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Teaching Artist Mic Crenshaw talks with us

What do you enjoy most about working with Arts for Learning NW (formally known as Young Audiences) and the Right Brain?
– I enjoy the ability to connect with diverse groups of individuals and educators in multiple schools, each with their own culture. I also get to meet and interact with young individuals who are in some ways similar and in other ways unique. Each student teaches me something about myself as an artist and educator through their engagement or lack thereof. It can be humbling, inspiring, challenging and rewarding to go into a classroom full of strangers and share vulnerability, courage, creativity and understanding. If I do a classroom visit first thing in the morning, I usually have a great day afterwards as all my faculties have been fully awakened.
What impacts you most as both a creator and facilitator for social and environmental change?
– I find myself looking for hope in the minds, hearts, and expression of the youth. I’m looking for the same spark that I had when I was a younger person, the drive to do your best and raw self determination. I love to see youth grappling with identity and finding confidence and speaking to the future with a sense of purpose, grounded in their desire for change.
Do you feel that Black youth are receiving access to resources they need to tap into and grow their creativity? What’s working for you? What changes would you like to see?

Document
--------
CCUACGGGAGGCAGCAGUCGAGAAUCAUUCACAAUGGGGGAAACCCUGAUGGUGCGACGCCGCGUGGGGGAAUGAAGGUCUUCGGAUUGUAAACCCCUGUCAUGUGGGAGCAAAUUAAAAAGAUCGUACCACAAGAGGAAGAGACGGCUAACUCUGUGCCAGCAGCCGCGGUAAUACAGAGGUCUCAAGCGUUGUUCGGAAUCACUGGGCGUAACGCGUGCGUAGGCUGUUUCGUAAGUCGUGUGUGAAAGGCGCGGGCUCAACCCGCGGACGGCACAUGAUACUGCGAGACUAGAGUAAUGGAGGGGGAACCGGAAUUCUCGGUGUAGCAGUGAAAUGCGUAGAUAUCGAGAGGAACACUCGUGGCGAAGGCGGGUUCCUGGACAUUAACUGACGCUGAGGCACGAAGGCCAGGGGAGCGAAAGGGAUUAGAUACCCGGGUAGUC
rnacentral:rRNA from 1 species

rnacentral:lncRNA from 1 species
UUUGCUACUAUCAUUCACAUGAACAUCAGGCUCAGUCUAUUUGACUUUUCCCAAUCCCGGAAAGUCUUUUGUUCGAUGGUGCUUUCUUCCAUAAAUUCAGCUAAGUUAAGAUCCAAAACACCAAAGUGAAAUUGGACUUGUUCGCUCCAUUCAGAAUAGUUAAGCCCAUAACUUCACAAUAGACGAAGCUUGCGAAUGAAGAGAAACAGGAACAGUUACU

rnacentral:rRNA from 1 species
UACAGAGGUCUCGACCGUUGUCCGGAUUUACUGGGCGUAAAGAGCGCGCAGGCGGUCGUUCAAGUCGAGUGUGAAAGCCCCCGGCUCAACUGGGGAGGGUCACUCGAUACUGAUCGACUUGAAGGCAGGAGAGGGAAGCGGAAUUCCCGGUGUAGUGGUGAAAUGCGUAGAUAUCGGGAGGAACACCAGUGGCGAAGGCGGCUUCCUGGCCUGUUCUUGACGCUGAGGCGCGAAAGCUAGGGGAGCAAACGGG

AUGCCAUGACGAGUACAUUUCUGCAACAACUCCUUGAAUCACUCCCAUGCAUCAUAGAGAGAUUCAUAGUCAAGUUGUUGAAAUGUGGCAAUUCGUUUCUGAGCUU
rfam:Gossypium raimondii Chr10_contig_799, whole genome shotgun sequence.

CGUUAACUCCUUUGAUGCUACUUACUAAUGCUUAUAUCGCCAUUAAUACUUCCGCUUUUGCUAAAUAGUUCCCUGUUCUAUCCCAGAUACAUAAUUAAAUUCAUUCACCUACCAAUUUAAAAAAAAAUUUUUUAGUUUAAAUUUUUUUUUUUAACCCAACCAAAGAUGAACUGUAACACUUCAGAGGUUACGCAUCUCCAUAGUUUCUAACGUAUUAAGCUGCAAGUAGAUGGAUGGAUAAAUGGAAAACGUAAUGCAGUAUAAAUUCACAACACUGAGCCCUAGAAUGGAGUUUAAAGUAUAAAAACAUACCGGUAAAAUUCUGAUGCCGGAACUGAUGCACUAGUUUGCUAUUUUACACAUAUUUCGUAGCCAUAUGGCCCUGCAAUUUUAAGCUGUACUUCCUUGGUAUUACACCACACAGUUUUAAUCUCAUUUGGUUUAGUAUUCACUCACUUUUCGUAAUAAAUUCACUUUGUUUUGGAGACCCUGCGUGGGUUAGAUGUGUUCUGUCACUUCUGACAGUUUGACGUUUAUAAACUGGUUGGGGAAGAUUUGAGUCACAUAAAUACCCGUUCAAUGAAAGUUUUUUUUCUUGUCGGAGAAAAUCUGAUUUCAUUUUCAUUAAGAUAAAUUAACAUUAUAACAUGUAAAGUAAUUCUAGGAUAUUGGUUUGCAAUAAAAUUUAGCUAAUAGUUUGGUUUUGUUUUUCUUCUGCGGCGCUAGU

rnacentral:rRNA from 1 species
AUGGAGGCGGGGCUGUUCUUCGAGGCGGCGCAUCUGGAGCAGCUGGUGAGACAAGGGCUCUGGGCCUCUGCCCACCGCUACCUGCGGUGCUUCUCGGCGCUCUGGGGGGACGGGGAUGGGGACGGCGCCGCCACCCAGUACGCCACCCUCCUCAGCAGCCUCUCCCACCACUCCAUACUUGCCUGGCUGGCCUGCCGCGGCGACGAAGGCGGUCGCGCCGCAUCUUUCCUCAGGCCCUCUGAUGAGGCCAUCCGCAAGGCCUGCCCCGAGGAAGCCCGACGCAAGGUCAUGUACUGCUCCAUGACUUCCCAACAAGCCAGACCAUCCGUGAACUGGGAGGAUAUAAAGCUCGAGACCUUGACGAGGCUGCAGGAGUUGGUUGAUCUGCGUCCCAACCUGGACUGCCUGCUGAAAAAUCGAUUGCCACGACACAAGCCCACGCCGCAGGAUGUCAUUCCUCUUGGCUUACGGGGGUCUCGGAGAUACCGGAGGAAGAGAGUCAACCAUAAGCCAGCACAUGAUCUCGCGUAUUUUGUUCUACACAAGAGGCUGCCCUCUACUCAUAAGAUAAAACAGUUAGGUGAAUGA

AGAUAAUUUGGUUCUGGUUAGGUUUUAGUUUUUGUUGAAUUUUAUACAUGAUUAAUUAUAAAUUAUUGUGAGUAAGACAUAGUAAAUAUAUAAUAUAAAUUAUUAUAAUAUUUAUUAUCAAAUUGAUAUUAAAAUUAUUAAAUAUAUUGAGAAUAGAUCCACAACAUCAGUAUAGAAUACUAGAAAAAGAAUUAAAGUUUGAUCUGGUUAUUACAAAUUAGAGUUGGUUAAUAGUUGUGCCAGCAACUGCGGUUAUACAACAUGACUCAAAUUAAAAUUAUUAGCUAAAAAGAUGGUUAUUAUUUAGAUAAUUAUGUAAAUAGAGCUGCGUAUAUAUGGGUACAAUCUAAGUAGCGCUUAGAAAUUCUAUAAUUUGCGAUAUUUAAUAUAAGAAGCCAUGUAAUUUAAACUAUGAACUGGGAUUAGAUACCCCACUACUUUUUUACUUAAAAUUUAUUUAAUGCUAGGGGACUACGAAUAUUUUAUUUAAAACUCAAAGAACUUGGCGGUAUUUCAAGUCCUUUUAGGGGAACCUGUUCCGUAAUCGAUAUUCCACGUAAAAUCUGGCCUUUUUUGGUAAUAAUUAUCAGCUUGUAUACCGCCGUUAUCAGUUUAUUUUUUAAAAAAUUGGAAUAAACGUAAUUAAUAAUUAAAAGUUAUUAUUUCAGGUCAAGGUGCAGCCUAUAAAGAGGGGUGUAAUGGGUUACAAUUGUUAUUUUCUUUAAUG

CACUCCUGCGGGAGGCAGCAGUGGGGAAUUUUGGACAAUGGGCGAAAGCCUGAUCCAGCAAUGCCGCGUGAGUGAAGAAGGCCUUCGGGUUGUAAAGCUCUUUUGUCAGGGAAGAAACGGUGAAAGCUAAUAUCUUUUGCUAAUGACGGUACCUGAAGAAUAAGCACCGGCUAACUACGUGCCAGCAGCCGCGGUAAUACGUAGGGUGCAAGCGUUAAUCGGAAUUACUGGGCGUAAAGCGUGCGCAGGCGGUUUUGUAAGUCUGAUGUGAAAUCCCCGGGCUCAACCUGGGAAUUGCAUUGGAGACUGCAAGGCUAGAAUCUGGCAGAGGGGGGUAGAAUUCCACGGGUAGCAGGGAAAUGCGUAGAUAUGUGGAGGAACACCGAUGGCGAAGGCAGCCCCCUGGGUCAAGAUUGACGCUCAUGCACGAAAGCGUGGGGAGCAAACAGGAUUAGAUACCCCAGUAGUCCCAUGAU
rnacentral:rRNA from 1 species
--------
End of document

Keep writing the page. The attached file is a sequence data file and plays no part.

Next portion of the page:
– I don’t in a very material sense as most of the schools and classrooms that I’m visiting have very few Black students. I empathize with the isolation that I imagine some of them have grown used to. I do strive to make eye contact, call on, acknowledge and give direct attention to each Black student in each classroom I visit. I do feel that I have gotten positive responses and that Black students feel seen and heard by me as I make an effort to uplift their comments, observations, questions and contributions. I try to do this in a non-invasive way and remember to ask if they mind sharing themselves if they mind me sharing.
I would like to see more Black educators, administrators and students in the schools I visit. I would like to visit more classrooms with Back teachers.
What projects are you working on that you’d like everyone to know more about?
 I’m working on developing a curriculum for highschool students based on the It Did Happen Here Podcast ( and forthcoming book. This project is being executed in partnership with the Oregon Historical Society.
 Is there a moment(s) that you’ve had as a Teaching Artist that has impacted you and motivates you and helps drive your work?
– When students take the time to stop and speak with me 1:1 and share their appreciation for the time we’ve spent together and what I’ve shared, it moves me and motivates me to continue this work. When I see them discovering joy in the practice of writing and performing their work, I feel like I am doing the right thing. When students see me in public, years later as young adults that I don’t even recognize, and make an effort to connect with me and tell me how much what I did in the classroom has inspired them, I feel blessed.
*For more on the work and artistry of Mic Crenshaw see links below

OPB Art Beat, short doc:

Twin Cities Public Broadcasting Baldies Documentary, almost an hour:

Mic Crenshaw Born to Fight video:

RebelWise Beyond the Matrix short doc:

RebelWise Children of the Sun video:

Mic Crenshaw Earthbound video:

-Documentary called And it Don’t Stop, 35mins:

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